STEP 1: Food Banks Centralize the Collection of Donated and Salvaged Product
Donated product arrives from the food service industry, retailers, manufacturers, distributors, growers, processors and food drives. Food Banks also purchase protein and other special diet items to round out the mix of food available. Last year Georgia’s regional food banks distributed more than 103 million pounds of food, including 36 million pounds of nutritious – but unsold – food salvaged from retailers that would otherwise have been sent to a landfill.
STEP 2: Food Banks Inspect and Sort Food
Food Banks collect, inventory and inspect product for distribution to nearly 2,300 partner agencies and congregations in Georgia
STEP 3: Decentralized Distribution to Community Based Partner Agencies and Congregations
Nearly 2,300 partner agencies and congregations receive food from Georgia’s 7 regional Food Banks – and provide food to people in need free of charge. They include food pantries, soup kitchens, youth programs, senior centers, community kitchens, day care centers, night shelters and rehabilitation centers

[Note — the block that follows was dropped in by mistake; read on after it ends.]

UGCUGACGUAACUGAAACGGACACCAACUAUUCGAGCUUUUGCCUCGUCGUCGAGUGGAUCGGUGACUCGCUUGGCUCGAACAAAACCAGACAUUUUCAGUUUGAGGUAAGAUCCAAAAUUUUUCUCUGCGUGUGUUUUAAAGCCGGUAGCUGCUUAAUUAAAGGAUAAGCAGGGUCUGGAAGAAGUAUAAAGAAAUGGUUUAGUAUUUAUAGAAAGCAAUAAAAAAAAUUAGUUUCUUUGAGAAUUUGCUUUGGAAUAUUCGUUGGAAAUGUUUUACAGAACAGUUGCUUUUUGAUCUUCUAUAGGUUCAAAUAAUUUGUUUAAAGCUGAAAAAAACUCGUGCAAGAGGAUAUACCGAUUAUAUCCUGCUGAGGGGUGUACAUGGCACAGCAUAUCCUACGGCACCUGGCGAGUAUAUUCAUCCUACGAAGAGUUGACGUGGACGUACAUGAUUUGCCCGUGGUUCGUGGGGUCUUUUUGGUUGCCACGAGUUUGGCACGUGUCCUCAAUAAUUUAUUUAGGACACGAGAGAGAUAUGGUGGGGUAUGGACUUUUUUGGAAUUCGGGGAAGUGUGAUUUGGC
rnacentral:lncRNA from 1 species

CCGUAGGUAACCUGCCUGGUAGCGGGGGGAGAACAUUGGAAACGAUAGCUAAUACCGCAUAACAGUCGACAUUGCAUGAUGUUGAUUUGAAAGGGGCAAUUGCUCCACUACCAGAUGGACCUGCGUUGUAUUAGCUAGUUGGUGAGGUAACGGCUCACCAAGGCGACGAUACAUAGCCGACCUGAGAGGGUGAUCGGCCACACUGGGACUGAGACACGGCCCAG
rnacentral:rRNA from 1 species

STEP 4: Partner Agencies and Congregations Distribute Food to People in Need
Deserving people from all walks of life benefit from our services. Recipients include working families, those who have lost jobs, children, the elderly, disabled and more. Decentralizing the distribution through community based agencies ensures that food is available in places where people are more likely to seek help.